Blackness, spirituality and the divine feminine have been present in Beyoncé’s work since day one.
Long before she was celebrating the continent with carefully chosen collaborators and big budget companion pieces, the pop princess turned cultural icon was using costumes, lyrics, song covers and symbols to send messages about her heritage.
As Bey’s work has matured, the messages celebrating the continent and Blackness have become bolder. But as longtime fans know, they’ve always been there.
As we prepare for her visual album Black Is King to debut on Friday, let’s look back on seven times she let her work do the talking.
During her time with Destiny’s Child, King Bey was known for dropping what Candice Benbow calls “Jesus Tracks.” Each album she dropped with her bandmates would have a song stepped in melodies from heaven. When Michelle Williams released “Say Yes,” Beyoncé followed her right back into the Black Christian tradition. Later in her career, she touched on the importance of connecting with God in dark times through her song “Heaven” and amplified themes found in Negro spirituals on the track “Freedom.”
When She Stepped Into The Bayou
Beyoncé proudly championed her mother’s Louisiana roots on “Formation,” but she was representing her heritage long before then. She used wardrobe and set designs to honor women who attended church on Sunday mornings and predicted pregnancies with Friday afternoon fish dreams in the videos for “Haunted” and “Deja Vu.” She also embraced the Black southern gothic aesthetic throughout Lemonade by including references to life lines, intuition, resurrection and the tree of life.
When She Transformed Into Oshun
Beyoncé channeled the Yoruba goddess as she strutted down the street, holding a Louisville slugger and one heck of a grudge in the "Hold Up" video.
When She Deferred To The Ancestors
Beyoncé is constantly exalting the themes of legacy and purpose in her work by incorporating those who came before her, a spiritual tradition practiced by many Black people globally. She named her clothing line after her maternal grandmother, and has shouted out her parents for providing her life force on several tracks, including “Daddy” and “Savage Remix.”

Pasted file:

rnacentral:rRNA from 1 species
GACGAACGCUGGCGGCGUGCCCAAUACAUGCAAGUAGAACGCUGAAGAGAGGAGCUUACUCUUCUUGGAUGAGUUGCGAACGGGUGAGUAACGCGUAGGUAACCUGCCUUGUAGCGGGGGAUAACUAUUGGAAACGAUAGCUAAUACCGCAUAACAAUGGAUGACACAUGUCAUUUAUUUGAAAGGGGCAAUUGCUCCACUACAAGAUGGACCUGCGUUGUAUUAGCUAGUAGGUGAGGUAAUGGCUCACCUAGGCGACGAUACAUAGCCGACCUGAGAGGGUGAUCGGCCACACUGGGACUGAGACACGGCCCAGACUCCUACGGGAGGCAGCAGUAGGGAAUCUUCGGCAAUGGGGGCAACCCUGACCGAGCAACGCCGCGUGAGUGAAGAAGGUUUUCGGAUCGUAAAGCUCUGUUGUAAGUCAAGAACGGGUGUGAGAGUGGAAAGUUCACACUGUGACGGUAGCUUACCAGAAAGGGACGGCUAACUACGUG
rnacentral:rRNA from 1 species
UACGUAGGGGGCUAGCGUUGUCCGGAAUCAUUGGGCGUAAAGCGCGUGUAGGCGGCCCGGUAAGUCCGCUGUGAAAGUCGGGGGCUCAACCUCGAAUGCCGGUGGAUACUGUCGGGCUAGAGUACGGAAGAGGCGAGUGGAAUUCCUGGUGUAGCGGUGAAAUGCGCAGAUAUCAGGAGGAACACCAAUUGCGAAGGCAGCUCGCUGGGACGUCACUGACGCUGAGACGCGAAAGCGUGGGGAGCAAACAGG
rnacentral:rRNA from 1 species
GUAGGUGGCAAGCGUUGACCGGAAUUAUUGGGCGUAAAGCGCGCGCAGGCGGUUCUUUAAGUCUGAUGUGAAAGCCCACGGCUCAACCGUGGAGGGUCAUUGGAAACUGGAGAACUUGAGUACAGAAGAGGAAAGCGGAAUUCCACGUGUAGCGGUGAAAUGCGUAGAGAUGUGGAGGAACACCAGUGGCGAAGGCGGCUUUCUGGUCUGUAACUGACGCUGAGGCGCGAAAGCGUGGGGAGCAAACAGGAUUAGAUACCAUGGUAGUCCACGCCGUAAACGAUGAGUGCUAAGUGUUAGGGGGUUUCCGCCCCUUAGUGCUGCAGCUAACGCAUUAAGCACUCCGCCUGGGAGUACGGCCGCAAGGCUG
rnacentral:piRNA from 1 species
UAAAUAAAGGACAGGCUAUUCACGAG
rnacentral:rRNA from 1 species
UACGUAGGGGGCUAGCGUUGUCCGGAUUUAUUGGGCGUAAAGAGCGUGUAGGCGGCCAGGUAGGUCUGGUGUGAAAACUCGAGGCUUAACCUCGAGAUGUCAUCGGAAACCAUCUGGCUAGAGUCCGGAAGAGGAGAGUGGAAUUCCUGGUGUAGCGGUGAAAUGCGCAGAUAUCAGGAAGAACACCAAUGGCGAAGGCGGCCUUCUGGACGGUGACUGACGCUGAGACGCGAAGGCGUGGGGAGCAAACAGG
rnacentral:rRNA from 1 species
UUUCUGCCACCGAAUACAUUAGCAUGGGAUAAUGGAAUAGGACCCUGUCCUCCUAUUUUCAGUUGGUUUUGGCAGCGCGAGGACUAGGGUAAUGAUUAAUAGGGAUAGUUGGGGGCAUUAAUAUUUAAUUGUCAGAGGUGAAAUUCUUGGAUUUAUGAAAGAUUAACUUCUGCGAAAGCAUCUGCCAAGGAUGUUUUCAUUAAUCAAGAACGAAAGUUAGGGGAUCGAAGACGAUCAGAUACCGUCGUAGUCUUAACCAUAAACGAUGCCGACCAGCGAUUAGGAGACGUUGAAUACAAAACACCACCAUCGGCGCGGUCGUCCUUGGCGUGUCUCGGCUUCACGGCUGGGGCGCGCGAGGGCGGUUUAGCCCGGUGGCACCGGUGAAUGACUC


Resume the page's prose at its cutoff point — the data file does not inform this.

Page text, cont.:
She featured the mothers of the movement in Lemonade, invoking the spirits of their tragically slain children with framed photographs.
She also embraced speaking openly about the child she miscarried during the documentary Life Is But A Dream d, dedicated a song on her self-titled album to the concept of celebrating lost loved ones, and named Lemonade after a speech given by her husband Jay-Z’s grandmother.
When She Referenced Fasting
While submerged in a pool of denial, Beyoncé spends the second chapter of Lemonade describing all the measures she took to avoid her fate, including fasting. Used by many as a means to gain favor, clarity, and discernment, fasts are frequently called for by religious leaders of different faiths.
She also makes reference to chastity and vanity, two concepts the Bible considers to be deadly sins. “Fasted for sixty days, wore white, abstained from mirrors. Abstained from sex,” she said before emerging from the water.
When She Embraced Numerology
Numerology has roots in ancient Egypt and the star is a big proponent of the practice. She has a near devout obsession with the number 4 and credits it for being a meaningful symbol in her career and personal life. She named one of her albums IV and has matching roman numeral tattoos with her husband denoting their anniversary, the fourth day of the fourth month of the year.
When She Led The Black Parade
Beyoncé made several references to the Afro-Caribbean religion Santeria, including charging her crystals in the moonlight on this single. She even compared her beloved baby sister Solange to the goddess Yemaya, who was also said to be a fierce protector on the track.